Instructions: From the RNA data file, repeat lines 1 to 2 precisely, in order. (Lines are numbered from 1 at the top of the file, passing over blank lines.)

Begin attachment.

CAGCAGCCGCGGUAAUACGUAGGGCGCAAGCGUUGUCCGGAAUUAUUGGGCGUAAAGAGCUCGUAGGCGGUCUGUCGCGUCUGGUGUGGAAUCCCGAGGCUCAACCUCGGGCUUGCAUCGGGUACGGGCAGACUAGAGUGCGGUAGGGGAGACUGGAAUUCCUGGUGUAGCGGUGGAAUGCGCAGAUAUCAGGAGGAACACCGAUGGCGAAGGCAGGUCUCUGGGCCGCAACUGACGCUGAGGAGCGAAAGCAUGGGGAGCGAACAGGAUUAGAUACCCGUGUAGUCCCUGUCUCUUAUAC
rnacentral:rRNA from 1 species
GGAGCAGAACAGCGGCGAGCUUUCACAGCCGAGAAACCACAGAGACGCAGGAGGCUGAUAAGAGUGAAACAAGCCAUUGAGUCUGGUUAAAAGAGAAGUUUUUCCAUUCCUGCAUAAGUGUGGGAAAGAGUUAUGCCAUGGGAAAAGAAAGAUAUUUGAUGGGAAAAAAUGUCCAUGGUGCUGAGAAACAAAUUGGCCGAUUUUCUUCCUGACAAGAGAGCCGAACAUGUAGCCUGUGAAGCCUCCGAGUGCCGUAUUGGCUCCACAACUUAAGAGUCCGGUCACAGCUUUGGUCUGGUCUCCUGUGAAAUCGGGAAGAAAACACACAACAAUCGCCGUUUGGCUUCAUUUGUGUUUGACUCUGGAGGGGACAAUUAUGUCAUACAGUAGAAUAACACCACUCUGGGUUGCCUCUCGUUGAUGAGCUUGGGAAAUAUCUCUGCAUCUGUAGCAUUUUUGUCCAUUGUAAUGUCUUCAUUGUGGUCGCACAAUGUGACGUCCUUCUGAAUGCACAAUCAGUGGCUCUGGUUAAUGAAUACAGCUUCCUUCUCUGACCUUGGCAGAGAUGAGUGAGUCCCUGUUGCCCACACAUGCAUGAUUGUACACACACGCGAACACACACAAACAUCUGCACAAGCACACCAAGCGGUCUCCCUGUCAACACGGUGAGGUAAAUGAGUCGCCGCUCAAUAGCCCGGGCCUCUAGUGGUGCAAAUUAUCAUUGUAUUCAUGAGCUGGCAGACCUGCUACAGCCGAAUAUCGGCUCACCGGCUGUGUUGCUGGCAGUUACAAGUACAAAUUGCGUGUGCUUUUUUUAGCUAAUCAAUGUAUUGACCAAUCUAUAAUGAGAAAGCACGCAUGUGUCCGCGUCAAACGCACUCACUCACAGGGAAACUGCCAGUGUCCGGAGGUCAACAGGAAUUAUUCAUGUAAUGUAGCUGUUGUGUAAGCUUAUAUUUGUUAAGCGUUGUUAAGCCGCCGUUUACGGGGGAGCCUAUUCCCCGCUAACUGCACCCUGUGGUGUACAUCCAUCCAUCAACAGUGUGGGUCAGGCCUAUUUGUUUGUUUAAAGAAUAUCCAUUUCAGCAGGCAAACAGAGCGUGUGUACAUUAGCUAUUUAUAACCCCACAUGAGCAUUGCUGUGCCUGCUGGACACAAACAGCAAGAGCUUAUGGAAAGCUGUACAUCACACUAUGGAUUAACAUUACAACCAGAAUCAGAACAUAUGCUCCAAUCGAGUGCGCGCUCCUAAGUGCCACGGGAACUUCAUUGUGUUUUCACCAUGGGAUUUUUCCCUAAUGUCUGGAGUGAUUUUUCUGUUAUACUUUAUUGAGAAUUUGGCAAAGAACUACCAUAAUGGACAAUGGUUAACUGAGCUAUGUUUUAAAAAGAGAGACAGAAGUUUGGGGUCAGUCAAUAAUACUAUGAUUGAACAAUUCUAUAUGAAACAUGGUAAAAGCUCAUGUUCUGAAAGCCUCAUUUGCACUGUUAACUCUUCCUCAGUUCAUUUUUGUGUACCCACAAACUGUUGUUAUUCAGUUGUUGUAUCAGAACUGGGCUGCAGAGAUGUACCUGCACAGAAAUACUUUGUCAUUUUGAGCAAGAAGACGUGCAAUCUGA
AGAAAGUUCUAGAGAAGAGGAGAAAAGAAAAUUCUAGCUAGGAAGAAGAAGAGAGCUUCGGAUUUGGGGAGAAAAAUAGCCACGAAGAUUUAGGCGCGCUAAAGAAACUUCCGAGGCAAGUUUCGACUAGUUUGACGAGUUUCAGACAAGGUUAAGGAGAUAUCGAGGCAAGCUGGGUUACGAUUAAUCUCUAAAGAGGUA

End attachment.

CAGCAGCCGCGGUAAUACGUAGGGCGCAAGCGUUGUCCGGAAUUAUUGGGCGUAAAGAGCUCGUAGGCGGUCUGUCGCGUCUGGUGUGGAAUCCCGAGGCUCAACCUCGGGCUUGCAUCGGGUACGGGCAGACUAGAGUGCGGUAGGGGAGACUGGAAUUCCUGGUGUAGCGGUGGAAUGCGCAGAUAUCAGGAGGAACACCGAUGGCGAAGGCAGGUCUCUGGGCCGCAACUGACGCUGAGGAGCGAAAGCAUGGGGAGCGAACAGGAUUAGAUACCCGUGUAGUCCCUGUCUCUUAUAC
rnacentral:rRNA from 1 species